Saturday, January 24, 2009

Economic Prognostication

It is a very rare day that I read, much less rebroadcast, financial articles, but
this one
from CNN Money is particularly timely, understandable, interesting, and.....concise.

h/t microlesia

Wednesday, January 21, 2009

"The Last Lincolns" and Books I Haven't Read Yet.

As I mentioned a short time ago, I need a new category tag entitled "Books I Haven't Read Yet," so that I can offer unqualified recommendations and initiate uninformed discussion and opinions on books that look interesting but which I may or may not actually get around to reading.

Here is one such book, entitled "The Last Lincolns: The Rise and Fall of a Great American Family," by Charles Lachman.

Here is a blurb from the publisher:

Most books about Abraham Lincoln end on April 14, 1865, the day he was assassinated at Ford's Theatre. But that historic event takes place near the beginning of The Last Lincolns, a singular title in the vast output of Lincolnia and one of the most unusual books ever written on the sixteenth president and his family. Going far beyond that fateful day into uncharted territory, it's a gripping page turner written by a TV producer with proven storytelling skills. This absorbing American tragedy tells the largely unknown story of the acrimony that consumed the Lincolns in the months and years that followed the president's murder. This was not a family that came together in mourning and mutual sadness; instead, they fell out over the anguished mental condition of the widowed Mary. In 1875, Robert — the handsome but resentful eldest Lincoln child — engineered her arrest and forcible commitment to an insane asylum. In each succeeding generation, the Lincolns' misfortunes multiplied, as a litany of alcohol abuse, squandered fortunes, burned family papers, and outright dissipation led to the downfall of this once-great family.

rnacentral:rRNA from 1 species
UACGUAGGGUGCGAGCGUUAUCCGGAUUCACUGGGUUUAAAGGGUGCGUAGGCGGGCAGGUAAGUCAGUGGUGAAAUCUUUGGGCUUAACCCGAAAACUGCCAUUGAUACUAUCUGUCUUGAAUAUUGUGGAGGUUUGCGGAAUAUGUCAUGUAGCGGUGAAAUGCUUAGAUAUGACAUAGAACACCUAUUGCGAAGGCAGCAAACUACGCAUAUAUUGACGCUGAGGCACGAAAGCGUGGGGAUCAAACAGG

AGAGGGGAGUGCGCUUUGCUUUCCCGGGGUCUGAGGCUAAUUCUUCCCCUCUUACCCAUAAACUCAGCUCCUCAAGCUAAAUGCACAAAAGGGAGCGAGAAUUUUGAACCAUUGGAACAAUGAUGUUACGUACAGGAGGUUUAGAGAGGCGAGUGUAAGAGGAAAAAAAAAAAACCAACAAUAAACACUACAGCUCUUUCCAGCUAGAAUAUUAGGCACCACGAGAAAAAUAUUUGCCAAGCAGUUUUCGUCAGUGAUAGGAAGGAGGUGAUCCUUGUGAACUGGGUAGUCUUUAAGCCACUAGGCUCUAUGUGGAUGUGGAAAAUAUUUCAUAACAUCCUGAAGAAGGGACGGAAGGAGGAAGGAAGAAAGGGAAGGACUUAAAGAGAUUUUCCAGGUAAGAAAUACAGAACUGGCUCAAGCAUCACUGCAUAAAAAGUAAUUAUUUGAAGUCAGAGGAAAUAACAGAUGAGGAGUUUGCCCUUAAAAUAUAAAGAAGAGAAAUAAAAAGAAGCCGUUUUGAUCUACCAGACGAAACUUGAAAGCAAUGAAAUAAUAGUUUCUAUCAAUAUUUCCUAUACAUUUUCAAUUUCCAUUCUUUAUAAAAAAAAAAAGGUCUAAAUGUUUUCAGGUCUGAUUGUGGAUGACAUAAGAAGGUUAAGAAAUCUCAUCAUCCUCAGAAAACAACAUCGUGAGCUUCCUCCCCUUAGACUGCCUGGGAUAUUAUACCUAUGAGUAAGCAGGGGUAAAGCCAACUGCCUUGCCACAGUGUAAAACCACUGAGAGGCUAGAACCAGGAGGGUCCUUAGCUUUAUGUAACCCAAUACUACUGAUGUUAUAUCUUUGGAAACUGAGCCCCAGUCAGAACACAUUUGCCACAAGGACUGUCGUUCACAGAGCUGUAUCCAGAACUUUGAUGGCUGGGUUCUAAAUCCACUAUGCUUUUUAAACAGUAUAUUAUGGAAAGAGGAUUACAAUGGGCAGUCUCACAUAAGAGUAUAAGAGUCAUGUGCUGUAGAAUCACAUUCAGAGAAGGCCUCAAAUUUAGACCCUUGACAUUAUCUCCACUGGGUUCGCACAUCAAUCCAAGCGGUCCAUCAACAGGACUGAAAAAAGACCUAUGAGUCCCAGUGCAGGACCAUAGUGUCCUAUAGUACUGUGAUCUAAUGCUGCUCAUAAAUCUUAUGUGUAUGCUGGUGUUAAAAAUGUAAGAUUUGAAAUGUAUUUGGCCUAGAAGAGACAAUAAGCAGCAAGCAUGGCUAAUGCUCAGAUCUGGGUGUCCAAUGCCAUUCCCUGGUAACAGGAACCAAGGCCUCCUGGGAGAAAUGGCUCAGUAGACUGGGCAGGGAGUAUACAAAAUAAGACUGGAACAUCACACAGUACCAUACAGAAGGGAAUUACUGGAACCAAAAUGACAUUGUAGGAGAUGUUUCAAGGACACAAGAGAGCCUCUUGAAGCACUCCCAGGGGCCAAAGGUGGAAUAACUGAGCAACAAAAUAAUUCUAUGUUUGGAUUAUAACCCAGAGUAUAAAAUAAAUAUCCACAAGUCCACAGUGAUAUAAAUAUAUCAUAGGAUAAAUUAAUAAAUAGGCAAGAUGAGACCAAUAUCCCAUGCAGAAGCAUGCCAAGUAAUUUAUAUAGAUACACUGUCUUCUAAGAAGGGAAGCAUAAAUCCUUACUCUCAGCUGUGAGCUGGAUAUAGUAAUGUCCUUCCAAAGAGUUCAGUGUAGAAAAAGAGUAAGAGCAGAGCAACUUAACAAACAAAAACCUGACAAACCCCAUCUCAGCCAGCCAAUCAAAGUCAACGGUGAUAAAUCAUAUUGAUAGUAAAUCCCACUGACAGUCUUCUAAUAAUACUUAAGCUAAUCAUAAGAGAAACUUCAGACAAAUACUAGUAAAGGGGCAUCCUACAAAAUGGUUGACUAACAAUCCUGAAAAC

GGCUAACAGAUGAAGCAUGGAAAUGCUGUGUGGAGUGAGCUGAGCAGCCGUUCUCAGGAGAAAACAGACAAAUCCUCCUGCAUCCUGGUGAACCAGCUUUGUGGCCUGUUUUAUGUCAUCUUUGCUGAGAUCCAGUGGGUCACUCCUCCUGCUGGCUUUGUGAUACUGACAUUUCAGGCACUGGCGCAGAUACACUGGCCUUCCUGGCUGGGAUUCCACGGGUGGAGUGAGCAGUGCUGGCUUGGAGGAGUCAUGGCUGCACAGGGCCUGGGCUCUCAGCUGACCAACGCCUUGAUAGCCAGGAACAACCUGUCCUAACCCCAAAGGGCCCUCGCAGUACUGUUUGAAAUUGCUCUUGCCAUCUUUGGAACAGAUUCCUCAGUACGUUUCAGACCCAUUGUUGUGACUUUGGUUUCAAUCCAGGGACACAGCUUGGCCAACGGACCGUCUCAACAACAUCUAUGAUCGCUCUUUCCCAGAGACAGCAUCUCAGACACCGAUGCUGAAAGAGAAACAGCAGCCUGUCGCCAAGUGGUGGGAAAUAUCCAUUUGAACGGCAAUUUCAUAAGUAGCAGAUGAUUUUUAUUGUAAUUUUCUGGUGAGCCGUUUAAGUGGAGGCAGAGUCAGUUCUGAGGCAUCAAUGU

Charles Lachman traces the story right up to the last generation of Lincoln descendants: great-grandson Bob Lincoln Beckwith, his estranged wife, Annemarie, and her son, Timothy Lincoln Beckwith. Bob, who was according to all medical evidence sterile, believes the son who bears the Lincoln name was the product of an adulterous affair. Annemarie, however, wanted the boy to be a "Lincoln," putting the child in line for a vast inheritance. There's even evidence — uncovered by Lachman for the first time — that a scheme to obtain possession of the Lincoln fortune was orchestrated by Bob Beckwith's chauffeur, who may have been the notorious outlaw and skyjacker, D.B. Cooper.

Published in advance of Abraham Lincoln's 200th birthday in February 2009, The Last Lincolns provides an unforgettable glimpse into the personal legacy left by the man who could unite a nation…but not his own family.

Saturday, January 17, 2009

George Bush saved 10 million lives

Yes, George Bush saved 10 millions lives.


From the Music By People You Never Heard Of wholly owned subsidiary of PikeSpeak, here is "Doot-Doot" by Freur, circa 1983.

Other than "doot doot", most of the lyrics are completely unintelligible. It doesn't matter, though, there is much to love about this song/video and I suspect that deep, thoughtful lyrics would probably just get in the way. Sure the haircuts and clothes look funny, but so what?

Things I like about this include the understated "slow-burn" groove, the synchronized echoey vocal sounds and the complex texture created by layering multiple simple parts.